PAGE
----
WEEKLY MARKET UPDATE

March 8th, 2021

The wrestling match between the stock market and interest rates continued last week, with rates temporarily coming out on top as yields moved up and stocks pulled back. The rise in rates again weighed on growth stocks by increasing the discount on future earnings , while value stocks managed gains. The week started out on a strong note amid continued optimism about the rollout of coronavirus vaccines. Fed Chair Powell spoke at a jobs panel organized by the Wall Street Journal on Thursday, where he offered no new commitments to continued asset purchases or other actions, however, while simultaneously restating the policymakers’ willingness to see inflation rise above 2%. Powell’s satisfaction with the current stance of monetary stimulus appeared to disappoint investors broadly, leading to a sharp sell-off in equity and bond markets on Thursday afternoon. The tension between growth hopes and inflation fears was evident in the market’s reaction to the week’s most closely watched economic data, the February U.S. jobs report. The report surprised significantly on the upside, with nonfarm payrolls rising by 379,000, roughly twice consensus estimates. Stocks vacillated on the news: rising, falling and then rising sharply again. For the week, the S&P added 0.8%, the DJIA gained 1.8%, and the Nasdaq fell 2.1%. Asia Pacific stock markets didn’t fare any better; the Shanghai Composite Index retreated 0.2%, Japan’s Nikkei lost 0.4%, but India’s stock market rose 2.7%. European bourses were volatile with the markets finishing the week modestly higher. Your BSD Global Tech Hedge Fund slipped 2.2% this past week; year-to-date our Fund has added 1.1%. We have positioned the BSD Global Tech Hedge Fund with the expectation of more market volatility; the Fund is 97% invested across a couple dozen tech vendors and tech end-users, with a 48% short equity indice hedge that will incrementally grow if the market deteriorates. Our BSD Global Tech Hedge Fund will be protected from significant market drawdowns, but if global stock markets continue to defy the ‘actual economy’ and climb higher, we will marginally participate in those gains.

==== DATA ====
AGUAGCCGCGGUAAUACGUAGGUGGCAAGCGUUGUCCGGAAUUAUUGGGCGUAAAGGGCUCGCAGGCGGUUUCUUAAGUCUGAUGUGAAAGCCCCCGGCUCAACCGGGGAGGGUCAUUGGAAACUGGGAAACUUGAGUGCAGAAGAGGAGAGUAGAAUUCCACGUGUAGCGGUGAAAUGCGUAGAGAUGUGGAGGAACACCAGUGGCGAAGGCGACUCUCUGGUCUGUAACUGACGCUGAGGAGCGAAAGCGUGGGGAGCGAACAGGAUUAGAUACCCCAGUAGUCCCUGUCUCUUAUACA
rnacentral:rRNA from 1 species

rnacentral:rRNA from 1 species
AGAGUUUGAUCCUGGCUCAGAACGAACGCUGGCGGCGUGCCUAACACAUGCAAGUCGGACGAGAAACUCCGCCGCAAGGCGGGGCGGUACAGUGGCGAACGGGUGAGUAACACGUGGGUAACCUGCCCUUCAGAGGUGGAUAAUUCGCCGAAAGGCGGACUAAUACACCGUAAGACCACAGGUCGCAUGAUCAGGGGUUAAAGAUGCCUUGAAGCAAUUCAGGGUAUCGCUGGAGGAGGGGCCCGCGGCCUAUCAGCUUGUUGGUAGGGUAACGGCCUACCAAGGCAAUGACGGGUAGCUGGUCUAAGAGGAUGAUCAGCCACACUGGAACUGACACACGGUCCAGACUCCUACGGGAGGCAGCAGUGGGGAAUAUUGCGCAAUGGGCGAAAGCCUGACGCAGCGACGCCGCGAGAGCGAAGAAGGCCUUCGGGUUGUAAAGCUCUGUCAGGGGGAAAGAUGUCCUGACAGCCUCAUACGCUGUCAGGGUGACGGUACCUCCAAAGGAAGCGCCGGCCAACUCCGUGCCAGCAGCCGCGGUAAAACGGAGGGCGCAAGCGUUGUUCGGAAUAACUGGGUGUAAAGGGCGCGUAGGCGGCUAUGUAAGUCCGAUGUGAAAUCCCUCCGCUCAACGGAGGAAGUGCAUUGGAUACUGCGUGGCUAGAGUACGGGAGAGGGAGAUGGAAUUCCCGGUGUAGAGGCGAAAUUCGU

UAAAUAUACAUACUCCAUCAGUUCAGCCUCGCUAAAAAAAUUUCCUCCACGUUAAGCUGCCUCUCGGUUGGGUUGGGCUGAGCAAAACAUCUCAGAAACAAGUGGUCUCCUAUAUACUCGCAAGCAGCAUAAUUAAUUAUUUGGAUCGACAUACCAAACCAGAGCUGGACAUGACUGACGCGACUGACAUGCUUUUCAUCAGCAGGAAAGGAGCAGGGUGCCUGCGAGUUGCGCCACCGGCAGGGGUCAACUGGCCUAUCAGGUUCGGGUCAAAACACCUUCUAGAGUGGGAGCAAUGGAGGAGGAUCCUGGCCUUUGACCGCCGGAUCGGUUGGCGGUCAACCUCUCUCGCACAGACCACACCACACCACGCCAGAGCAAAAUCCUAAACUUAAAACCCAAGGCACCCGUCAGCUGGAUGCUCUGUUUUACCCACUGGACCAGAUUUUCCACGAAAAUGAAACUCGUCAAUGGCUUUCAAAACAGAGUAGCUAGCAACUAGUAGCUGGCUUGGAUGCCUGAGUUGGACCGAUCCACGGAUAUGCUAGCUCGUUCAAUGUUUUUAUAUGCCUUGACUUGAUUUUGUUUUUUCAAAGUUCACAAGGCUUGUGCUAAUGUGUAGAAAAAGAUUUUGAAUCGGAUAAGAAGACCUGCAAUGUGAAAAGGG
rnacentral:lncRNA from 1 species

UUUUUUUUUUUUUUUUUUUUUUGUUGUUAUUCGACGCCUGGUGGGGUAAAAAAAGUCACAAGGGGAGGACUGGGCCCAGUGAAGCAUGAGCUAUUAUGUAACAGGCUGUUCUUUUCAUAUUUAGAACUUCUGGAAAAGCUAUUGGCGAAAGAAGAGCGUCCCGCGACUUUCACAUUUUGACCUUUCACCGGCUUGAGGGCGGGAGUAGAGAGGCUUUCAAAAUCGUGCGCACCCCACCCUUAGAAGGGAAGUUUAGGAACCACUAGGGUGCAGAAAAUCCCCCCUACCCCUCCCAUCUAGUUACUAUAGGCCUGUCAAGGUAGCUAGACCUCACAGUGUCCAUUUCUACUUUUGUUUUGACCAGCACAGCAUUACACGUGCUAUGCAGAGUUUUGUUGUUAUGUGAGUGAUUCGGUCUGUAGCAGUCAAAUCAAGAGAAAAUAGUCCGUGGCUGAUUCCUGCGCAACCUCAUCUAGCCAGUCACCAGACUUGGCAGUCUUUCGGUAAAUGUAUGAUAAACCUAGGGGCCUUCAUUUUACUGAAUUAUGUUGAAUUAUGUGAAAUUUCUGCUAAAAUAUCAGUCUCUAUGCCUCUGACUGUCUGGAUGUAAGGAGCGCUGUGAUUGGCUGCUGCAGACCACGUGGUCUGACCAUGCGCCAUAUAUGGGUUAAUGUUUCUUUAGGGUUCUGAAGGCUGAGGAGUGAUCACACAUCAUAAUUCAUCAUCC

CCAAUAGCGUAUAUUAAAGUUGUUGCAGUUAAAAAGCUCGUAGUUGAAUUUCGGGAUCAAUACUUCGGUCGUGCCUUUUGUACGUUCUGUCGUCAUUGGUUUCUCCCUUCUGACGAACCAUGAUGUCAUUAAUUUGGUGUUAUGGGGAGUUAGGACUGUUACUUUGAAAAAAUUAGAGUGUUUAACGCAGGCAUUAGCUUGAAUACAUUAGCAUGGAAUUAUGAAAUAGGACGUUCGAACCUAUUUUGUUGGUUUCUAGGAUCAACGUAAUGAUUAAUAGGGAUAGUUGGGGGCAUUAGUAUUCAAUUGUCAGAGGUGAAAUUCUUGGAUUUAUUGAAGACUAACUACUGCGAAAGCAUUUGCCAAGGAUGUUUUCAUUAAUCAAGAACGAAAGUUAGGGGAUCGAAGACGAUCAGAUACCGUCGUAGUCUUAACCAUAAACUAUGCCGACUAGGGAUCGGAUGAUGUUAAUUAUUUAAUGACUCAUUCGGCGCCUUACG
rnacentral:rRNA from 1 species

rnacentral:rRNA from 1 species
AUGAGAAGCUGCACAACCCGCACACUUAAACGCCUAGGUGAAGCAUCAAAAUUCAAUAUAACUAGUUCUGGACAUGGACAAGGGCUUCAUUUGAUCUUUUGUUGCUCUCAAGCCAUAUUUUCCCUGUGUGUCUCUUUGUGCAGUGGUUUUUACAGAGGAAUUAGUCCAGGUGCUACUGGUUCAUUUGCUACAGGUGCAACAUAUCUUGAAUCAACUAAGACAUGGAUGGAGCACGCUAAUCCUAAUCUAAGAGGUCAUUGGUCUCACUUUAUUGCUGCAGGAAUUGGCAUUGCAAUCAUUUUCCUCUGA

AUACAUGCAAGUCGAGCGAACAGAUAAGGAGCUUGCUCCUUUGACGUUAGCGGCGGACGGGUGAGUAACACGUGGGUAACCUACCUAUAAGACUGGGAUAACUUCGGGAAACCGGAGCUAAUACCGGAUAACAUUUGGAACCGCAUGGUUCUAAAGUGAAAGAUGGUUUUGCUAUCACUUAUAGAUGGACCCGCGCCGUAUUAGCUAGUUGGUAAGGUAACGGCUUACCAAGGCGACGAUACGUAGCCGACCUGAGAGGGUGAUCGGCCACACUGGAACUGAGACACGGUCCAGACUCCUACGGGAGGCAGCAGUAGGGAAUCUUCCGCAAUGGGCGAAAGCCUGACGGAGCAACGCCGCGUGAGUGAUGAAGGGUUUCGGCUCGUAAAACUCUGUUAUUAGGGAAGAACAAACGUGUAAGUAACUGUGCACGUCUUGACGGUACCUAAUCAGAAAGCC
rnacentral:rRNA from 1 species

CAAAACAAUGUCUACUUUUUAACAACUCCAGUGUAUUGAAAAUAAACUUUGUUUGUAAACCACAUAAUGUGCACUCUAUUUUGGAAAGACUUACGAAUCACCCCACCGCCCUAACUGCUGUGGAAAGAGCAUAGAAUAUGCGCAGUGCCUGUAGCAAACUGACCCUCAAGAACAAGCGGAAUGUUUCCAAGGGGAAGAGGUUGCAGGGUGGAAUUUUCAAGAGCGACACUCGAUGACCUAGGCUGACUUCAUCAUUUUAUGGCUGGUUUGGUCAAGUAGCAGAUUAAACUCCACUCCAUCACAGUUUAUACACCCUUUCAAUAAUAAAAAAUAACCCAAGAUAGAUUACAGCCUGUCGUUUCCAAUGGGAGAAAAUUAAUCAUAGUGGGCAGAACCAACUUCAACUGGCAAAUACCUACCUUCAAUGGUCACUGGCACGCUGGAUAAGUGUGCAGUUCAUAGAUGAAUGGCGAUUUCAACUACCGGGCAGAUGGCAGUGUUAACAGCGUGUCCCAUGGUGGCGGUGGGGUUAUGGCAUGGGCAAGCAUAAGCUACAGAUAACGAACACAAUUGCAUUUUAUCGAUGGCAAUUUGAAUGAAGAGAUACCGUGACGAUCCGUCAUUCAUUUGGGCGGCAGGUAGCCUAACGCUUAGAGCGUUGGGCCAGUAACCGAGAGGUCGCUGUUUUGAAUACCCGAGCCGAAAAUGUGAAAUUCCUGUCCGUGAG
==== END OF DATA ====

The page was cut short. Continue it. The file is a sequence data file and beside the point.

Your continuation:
Over the last few weeks, the air has completely come out of the frothiest parts of the market that saw mind-boggling moves to the upside in the 2-3 months prior to their recent peaks. In areas like SPACs, software, AI, solar, EVs, and cannabis, we’ve seen declines across the board ranging from 25-60%. These areas could certainly continue lower, but for now the “frothiness” is completely gone. Given the huge surge in app-based and online brokerage accounts that represented the “return of the retail trader” over the last six to nine months, we have to think that a significant amount of pain is being felt in the accounts of new traders that only thought stocks could go up just a few weeks ago. For long-term investors that have lived through more than a few months of markets, seeing “pre-revenue” stocks rally 100%+ in weeks can cause just as much uneasiness as a down market, so the fact that the “easy money” has been wiped out recently has probably actually helped the market backdrop in some ways.  

The Covid-19 U.S. aid package is on track for final congressional approval in the week ahead, but it could be a double-edged sword for markets. The legislation should be greeted by optimism around the powerful lift it could give the stock market and the economy, but it could also be met with concern about what an historically large stimulus package could do to inflation and interest rates. Another wild card for stocks could be how interest rates behave around upcoming Treasury auctions. There is a $38 billion 10-year auction on Wednesday and a $24 billion 30-year bond auction on Thursday. Traders are watching these closely, after a historically weak 7-year Treasury note auction in February sent rates higher, even for the 10-year. There is CPI consumer inflation data Wednesday. While it is expected to show little inflation, the next couple of reports could show inflation compared to the drop-off in prices when the economy was shut down last year.